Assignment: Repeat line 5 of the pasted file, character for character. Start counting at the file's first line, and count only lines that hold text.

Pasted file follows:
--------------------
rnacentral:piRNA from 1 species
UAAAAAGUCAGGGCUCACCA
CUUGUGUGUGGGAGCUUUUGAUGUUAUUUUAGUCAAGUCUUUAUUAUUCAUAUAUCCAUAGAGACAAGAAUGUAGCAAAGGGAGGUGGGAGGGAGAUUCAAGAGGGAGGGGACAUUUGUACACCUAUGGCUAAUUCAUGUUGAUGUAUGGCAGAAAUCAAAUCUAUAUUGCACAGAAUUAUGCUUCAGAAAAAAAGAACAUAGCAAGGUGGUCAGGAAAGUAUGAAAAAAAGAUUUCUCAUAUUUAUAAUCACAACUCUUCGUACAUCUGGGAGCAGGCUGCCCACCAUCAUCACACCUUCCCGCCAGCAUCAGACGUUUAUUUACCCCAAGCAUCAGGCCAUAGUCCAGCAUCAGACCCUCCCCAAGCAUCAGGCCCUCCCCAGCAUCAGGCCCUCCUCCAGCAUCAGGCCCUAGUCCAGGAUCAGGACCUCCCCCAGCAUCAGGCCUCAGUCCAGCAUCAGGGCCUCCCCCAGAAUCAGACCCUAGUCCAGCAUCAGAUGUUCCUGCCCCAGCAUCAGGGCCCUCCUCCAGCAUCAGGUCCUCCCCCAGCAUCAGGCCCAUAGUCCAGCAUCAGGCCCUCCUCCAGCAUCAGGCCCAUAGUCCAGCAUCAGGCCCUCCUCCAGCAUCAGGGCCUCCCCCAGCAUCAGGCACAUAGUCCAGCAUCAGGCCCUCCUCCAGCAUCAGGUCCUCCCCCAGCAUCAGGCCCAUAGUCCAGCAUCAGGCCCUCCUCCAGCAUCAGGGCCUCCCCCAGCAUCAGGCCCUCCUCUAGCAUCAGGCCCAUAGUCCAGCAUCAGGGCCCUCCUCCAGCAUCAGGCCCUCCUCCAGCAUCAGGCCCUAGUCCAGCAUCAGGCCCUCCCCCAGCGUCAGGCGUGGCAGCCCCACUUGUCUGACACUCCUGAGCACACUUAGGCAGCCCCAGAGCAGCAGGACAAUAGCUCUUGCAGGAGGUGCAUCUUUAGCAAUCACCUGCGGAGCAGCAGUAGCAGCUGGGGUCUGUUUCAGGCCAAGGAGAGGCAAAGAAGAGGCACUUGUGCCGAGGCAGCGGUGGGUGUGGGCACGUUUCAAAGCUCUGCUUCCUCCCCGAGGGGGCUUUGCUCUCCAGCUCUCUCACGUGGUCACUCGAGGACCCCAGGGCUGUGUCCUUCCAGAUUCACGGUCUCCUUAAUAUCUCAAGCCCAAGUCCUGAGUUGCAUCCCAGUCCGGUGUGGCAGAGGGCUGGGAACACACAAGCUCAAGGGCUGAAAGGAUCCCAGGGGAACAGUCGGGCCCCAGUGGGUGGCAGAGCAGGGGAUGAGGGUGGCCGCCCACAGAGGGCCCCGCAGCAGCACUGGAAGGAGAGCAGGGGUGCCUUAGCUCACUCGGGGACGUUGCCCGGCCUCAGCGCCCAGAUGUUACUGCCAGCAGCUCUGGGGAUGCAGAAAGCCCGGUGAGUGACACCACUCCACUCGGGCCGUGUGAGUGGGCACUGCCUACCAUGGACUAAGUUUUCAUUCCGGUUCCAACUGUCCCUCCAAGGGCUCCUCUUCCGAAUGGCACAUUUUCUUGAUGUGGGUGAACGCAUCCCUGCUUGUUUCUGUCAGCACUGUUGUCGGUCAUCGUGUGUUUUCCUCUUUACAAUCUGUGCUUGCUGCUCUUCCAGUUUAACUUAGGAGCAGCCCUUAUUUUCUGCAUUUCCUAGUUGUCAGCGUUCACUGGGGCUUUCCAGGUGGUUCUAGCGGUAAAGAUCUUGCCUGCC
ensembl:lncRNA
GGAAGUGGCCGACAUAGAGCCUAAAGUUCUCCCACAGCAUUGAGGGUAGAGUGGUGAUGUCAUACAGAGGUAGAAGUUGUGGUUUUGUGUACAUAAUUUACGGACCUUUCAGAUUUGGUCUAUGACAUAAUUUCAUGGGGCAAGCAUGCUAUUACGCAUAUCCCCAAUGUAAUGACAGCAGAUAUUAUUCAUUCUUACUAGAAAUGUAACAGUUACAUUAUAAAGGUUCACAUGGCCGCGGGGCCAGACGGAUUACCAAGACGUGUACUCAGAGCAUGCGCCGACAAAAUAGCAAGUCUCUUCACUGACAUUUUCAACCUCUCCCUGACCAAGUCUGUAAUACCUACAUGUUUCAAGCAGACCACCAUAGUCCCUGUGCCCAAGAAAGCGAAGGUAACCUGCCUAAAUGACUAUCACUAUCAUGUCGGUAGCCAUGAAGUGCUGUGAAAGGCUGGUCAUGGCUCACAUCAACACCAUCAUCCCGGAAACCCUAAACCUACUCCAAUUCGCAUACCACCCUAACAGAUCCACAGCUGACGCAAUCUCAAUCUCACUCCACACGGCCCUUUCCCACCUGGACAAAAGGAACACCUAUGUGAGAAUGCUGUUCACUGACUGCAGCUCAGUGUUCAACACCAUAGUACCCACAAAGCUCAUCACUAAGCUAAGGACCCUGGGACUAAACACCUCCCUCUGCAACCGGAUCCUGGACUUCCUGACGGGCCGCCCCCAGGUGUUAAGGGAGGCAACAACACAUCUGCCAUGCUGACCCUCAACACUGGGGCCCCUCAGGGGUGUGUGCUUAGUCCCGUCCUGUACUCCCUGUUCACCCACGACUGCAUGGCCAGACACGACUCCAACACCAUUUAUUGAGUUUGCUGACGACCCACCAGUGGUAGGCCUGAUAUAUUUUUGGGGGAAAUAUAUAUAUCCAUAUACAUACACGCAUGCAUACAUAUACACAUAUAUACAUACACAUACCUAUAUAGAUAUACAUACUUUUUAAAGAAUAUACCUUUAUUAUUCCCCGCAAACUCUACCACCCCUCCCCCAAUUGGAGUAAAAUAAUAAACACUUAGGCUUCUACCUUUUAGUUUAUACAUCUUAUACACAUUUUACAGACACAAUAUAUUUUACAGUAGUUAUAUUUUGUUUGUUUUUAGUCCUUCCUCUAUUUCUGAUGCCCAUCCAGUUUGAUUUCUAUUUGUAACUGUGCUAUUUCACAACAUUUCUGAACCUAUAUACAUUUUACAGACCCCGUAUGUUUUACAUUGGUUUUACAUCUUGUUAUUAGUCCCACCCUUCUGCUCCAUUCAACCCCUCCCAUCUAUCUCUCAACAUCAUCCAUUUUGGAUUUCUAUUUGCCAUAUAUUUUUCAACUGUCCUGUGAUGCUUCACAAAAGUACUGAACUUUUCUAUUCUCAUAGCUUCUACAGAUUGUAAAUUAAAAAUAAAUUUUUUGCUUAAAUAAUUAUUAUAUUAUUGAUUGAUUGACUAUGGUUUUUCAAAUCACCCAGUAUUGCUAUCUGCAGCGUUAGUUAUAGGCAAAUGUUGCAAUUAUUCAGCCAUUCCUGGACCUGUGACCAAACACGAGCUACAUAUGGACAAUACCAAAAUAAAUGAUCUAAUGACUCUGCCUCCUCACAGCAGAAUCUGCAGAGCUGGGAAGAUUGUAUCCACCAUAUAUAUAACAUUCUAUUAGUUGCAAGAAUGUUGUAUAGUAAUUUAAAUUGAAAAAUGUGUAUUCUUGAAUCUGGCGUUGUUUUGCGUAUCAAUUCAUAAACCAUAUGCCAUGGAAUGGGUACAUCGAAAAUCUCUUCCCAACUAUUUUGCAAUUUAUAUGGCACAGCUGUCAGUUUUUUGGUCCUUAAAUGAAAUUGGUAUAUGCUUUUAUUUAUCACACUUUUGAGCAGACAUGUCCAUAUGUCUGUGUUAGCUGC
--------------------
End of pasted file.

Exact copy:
GGAAGUGGCCGACAUAGAGCCUAAAGUUCUCCCACAGCAUUGAGGGUAGAGUGGUGAUGUCAUACAGAGGUAGAAGUUGUGGUUUUGUGUACAUAAUUUACGGACCUUUCAGAUUUGGUCUAUGACAUAAUUUCAUGGGGCAAGCAUGCUAUUACGCAUAUCCCCAAUGUAAUGACAGCAGAUAUUAUUCAUUCUUACUAGAAAUGUAACAGUUACAUUAUAAAGGUUCACAUGGCCGCGGGGCCAGACGGAUUACCAAGACGUGUACUCAGAGCAUGCGCCGACAAAAUAGCAAGUCUCUUCACUGACAUUUUCAACCUCUCCCUGACCAAGUCUGUAAUACCUACAUGUUUCAAGCAGACCACCAUAGUCCCUGUGCCCAAGAAAGCGAAGGUAACCUGCCUAAAUGACUAUCACUAUCAUGUCGGUAGCCAUGAAGUGCUGUGAAAGGCUGGUCAUGGCUCACAUCAACACCAUCAUCCCGGAAACCCUAAACCUACUCCAAUUCGCAUACCACCCUAACAGAUCCACAGCUGACGCAAUCUCAAUCUCACUCCACACGGCCCUUUCCCACCUGGACAAAAGGAACACCUAUGUGAGAAUGCUGUUCACUGACUGCAGCUCAGUGUUCAACACCAUAGUACCCACAAAGCUCAUCACUAAGCUAAGGACCCUGGGACUAAACACCUCCCUCUGCAACCGGAUCCUGGACUUCCUGACGGGCCGCCCCCAGGUGUUAAGGGAGGCAACAACACAUCUGCCAUGCUGACCCUCAACACUGGGGCCCCUCAGGGGUGUGUGCUUAGUCCCGUCCUGUACUCCCUGUUCACCCACGACUGCAUGGCCAGACACGACUCCAACACCAUUUAUUGAGUUUGCUGACGACCCACCAGUGGUAGGCCUGAUAUAUUUUUGGGGGAAAUAUAUAUAUCCAUAUACAUACACGCAUGCAUACAUAUACACAUAUAUACAUACACAUACCUAUAUAGAUAUACAUACUUUUUAAAGAAUAUACCUUUAUUAUUCCCCGCAAACUCUACCACCCCUCCCCCAAUUGGAGUAAAAUAAUAAACACUUAGGCUUCUACCUUUUAGUUUAUACAUCUUAUACACAUUUUACAGACACAAUAUAUUUUACAGUAGUUAUAUUUUGUUUGUUUUUAGUCCUUCCUCUAUUUCUGAUGCCCAUCCAGUUUGAUUUCUAUUUGUAACUGUGCUAUUUCACAACAUUUCUGAACCUAUAUACAUUUUACAGACCCCGUAUGUUUUACAUUGGUUUUACAUCUUGUUAUUAGUCCCACCCUUCUGCUCCAUUCAACCCCUCCCAUCUAUCUCUCAACAUCAUCCAUUUUGGAUUUCUAUUUGCCAUAUAUUUUUCAACUGUCCUGUGAUGCUUCACAAAAGUACUGAACUUUUCUAUUCUCAUAGCUUCUACAGAUUGUAAAUUAAAAAUAAAUUUUUUGCUUAAAUAAUUAUUAUAUUAUUGAUUGAUUGACUAUGGUUUUUCAAAUCACCCAGUAUUGCUAUCUGCAGCGUUAGUUAUAGGCAAAUGUUGCAAUUAUUCAGCCAUUCCUGGACCUGUGACCAAACACGAGCUACAUAUGGACAAUACCAAAAUAAAUGAUCUAAUGACUCUGCCUCCUCACAGCAGAAUCUGCAGAGCUGGGAAGAUUGUAUCCACCAUAUAUAUAACAUUCUAUUAGUUGCAAGAAUGUUGUAUAGUAAUUUAAAUUGAAAAAUGUGUAUUCUUGAAUCUGGCGUUGUUUUGCGUAUCAAUUCAUAAACCAUAUGCCAUGGAAUGGGUACAUCGAAAAUCUCUUCCCAACUAUUUUGCAAUUUAUAUGGCACAGCUGUCAGUUUUUUGGUCCUUAAAUGAAAUUGGUAUAUGCUUUUAUUUAUCACACUUUUGAGCAGACAUGUCCAUAUGUCUGUGUUAGCUGC